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Australia's retail industry witnessed sluggish growth in April, failing to meet the predicted turnover as shoppers stayed frugal amid high borrowing cost and rising rent.

According to data released by Australian Bureau of Statistics (ABS) on Tuesday, the retail sales rose 0.1% in April from March, when they fell 0.4%, though the market prediction was a rise of 0.2%. Analysts pointed out how the sales volume per capita continued to fall for seven straight quarters, a trend that was usually seen during recessions.

Quoting Ben Dorber, ABS head of retail statistics, Reuters reported that as the customers reduced their spending, the turnover in the retail industry has been flat since January.

"Since the start of 2024, trend retail turnover has been flat as cautious consumers reduce their discretionary spending. Looking across the past two months, we see weak underlying spending in most parts of the retail industry," Dorber said.

Compared to data from a year earlier, sales in April increased by 1.3% to AU$35.7 billion. However, this growth level is limited especially when the population in the country is expanding by 2% annually.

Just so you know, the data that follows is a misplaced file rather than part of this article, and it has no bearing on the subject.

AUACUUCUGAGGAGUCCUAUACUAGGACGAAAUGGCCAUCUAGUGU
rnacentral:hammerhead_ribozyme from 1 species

The rate of spending has decreased due to higher mortgage rates and rising rents, which has impacted household savings in the last one year -- yet another sign that household spending will not add to economic growth this quarter. Added to this was the rising prices in sectors like insurance, education and electricity, which are not covered by retail data.

Due to stubborn inflation, it is unlikely that the Reserve Bank of Australia (RBA) will lower the interest rates.

"The upshot is that consumption growth will probably remain weak into the second half of the year, which should help to lower inflation further," said Marcel Thieliant, head of Asia-Pacific economics at Capital Economics. "While we expect the RBA to only start cutting interest rates at the beginning of next year, the prolonged weakness in consumption opens the door for an earlier rate cut."